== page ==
Laney: The first show we did with Mike ranked as my favourite show of last year. We were really blown away. We didn’t really have any expectations of what to expect and his vibe, aura and presence was just mind blowing. Everyone in that room was floored. It was the perfect combination of music and storytelling. I felt humbled to be there, it was amazing!




You debuted a new song from the album in stripped back form that night – ‘(You Only Love Me) When You Hate Me’ - amazing is all I can say, it sounded like an instant hit and you’ve chosen it as the lead track – when is the video ready?



Wylde: Yeah that was one of those songs that I just knew had ‘hit’ written all over it when I wrote it, in a similar way to how I felt after I wrote ‘Don't Look At Me Like That’ back in early 2006. It was actually tough to pick the single though as there are so many contenders on the album but in the end, it came down to ‘When You Hate Me’ and ‘Takes A Little Time’, both of which are super poppy, hooky and commercial but we felt that the ‘Na na na's’ just kinda sold it really. It's the type of song that you hear once and it's forever stuck in your head so it makes the perfect single choice. We have a few ideas for the video, but we won't be getting down to work on it until probably after Christmas. Hopefully we'll have it out early next year if all goes to plan.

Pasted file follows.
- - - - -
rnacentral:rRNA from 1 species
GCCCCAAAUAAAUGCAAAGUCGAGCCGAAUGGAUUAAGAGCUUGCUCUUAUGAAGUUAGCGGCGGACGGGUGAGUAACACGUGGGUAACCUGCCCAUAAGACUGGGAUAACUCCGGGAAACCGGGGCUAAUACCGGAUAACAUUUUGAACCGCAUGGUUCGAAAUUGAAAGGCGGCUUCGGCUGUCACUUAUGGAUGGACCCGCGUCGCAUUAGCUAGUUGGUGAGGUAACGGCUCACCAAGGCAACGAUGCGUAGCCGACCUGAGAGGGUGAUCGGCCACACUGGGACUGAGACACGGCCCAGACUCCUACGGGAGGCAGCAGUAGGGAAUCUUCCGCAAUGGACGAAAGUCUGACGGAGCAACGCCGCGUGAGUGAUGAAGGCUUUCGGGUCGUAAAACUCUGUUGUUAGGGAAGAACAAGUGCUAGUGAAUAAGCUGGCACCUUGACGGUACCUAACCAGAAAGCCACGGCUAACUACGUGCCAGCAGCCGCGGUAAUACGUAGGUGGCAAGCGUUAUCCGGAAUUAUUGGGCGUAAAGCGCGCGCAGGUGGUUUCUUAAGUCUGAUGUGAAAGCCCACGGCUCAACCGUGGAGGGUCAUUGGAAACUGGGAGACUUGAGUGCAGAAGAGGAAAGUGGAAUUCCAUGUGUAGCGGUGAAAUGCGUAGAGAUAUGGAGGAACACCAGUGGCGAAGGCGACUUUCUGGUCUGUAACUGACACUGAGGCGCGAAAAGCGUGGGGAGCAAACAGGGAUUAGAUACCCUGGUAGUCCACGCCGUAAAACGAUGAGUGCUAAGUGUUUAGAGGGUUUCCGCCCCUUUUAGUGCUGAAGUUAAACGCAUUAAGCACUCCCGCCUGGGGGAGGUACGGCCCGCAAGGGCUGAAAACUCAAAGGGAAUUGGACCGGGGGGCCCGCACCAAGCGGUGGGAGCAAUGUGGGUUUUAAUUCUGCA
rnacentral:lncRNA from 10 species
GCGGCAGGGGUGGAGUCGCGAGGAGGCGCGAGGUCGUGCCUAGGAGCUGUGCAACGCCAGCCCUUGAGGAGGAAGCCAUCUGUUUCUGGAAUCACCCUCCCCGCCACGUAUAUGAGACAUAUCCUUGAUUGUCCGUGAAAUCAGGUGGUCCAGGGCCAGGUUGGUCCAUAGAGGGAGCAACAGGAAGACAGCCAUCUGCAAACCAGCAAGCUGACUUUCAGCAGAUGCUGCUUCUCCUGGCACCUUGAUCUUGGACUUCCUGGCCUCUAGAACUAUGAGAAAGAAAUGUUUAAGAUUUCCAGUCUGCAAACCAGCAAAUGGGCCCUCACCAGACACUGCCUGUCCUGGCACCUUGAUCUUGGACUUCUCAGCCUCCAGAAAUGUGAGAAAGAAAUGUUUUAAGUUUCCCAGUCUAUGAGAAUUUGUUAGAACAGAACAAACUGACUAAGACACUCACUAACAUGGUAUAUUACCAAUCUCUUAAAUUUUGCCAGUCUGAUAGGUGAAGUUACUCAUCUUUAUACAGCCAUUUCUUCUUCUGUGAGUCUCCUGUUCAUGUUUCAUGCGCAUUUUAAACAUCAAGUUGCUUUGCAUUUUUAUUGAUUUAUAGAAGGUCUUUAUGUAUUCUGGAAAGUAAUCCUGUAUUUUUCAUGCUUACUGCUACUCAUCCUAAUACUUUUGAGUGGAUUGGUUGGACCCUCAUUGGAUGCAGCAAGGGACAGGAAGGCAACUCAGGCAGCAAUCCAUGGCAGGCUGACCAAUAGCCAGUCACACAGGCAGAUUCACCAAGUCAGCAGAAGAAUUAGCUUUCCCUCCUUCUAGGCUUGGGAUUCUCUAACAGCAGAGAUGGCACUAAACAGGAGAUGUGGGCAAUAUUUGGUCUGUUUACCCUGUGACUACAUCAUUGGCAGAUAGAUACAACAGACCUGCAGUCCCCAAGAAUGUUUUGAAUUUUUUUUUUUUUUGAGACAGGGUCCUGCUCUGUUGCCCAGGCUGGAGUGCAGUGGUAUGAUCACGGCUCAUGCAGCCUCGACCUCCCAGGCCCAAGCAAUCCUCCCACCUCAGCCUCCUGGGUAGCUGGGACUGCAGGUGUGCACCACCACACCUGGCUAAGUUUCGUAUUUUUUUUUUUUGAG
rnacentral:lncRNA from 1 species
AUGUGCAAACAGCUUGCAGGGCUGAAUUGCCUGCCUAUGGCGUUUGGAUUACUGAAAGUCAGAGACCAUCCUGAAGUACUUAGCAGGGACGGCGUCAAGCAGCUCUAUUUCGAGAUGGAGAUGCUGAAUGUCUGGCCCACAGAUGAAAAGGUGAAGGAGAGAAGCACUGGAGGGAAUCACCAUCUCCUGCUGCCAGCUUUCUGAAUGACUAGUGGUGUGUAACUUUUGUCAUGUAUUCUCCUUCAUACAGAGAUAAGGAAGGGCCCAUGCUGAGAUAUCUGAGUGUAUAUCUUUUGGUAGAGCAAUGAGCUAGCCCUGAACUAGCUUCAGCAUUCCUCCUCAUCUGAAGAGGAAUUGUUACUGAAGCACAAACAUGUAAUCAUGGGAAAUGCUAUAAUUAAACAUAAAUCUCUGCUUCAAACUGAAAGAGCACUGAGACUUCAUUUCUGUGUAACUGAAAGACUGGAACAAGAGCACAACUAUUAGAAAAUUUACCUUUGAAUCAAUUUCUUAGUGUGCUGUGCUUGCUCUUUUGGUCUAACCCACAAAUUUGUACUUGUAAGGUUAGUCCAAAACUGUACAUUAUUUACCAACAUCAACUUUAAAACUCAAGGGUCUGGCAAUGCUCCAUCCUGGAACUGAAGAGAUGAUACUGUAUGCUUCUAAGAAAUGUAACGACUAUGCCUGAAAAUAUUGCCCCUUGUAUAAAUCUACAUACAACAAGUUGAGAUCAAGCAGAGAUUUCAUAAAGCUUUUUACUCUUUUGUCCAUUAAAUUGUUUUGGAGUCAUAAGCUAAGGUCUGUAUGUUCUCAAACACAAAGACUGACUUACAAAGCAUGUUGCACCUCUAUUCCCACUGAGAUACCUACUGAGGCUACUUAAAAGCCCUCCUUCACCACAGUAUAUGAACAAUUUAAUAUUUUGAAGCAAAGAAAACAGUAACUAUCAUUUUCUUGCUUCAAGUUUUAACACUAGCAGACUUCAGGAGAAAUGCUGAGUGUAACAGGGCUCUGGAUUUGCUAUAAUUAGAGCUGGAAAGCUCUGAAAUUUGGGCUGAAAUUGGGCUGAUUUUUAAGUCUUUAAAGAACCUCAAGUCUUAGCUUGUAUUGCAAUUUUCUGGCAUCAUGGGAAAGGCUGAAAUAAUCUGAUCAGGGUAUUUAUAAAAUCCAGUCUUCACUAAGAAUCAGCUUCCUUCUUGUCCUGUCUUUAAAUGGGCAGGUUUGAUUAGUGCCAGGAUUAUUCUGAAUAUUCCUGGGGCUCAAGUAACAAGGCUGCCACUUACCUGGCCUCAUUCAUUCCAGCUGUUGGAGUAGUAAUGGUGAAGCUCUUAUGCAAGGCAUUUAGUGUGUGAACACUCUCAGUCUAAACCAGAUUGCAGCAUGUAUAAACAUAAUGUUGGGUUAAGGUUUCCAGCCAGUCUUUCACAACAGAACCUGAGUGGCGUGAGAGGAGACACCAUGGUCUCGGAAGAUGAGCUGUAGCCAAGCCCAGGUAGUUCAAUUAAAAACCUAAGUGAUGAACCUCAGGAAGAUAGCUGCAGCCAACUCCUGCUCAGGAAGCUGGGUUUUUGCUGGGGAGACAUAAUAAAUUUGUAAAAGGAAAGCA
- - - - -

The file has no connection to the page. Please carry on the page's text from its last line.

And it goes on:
Laney: It’s a Wylde Classic for sure and has radio hit written all over it. I don’t care what kind of music you’re into there aren’t many hooks as big as the one in this song. We’re toying with the idea of getting a couple of remixes done before the video just to see if there’s any other hidden magic in there but it’s all about the song and can’t wait to hear people singing along live.



When are you playing live next and what songs from the new album are going to make it into the set-list?



Wylde: We’ve done couple of acoustic shows in London and Nottingham with Johnny Lima, who was actually going to mix ‘Still Standing’ at one point, then we have a couple of shows lined up in December in Sheffield and Nottingham. We'll take Christmas off, then start hitting it again early next year. In an ideal world, we'd like to somehow get ourselves on a nice support tour. That's what we need really. As for the set, at the minute we're playing eight songs from "Still Standing" but we have to alternate those most of the time, depending on whether we are headlining, opening or playing acoustically then we add a few old favourites as well but the majority of the set is the new album. 



Laney: We’re getting to a point where we have a huge back catalogue of tunes to choose from. People seem to have all kinds of favourites. We still get requests to play songs like ‘Beautiful’ and ‘Bad Girl’ from the first CD! The fact people know us and like us for the tunes is one of the best compliments we can be given.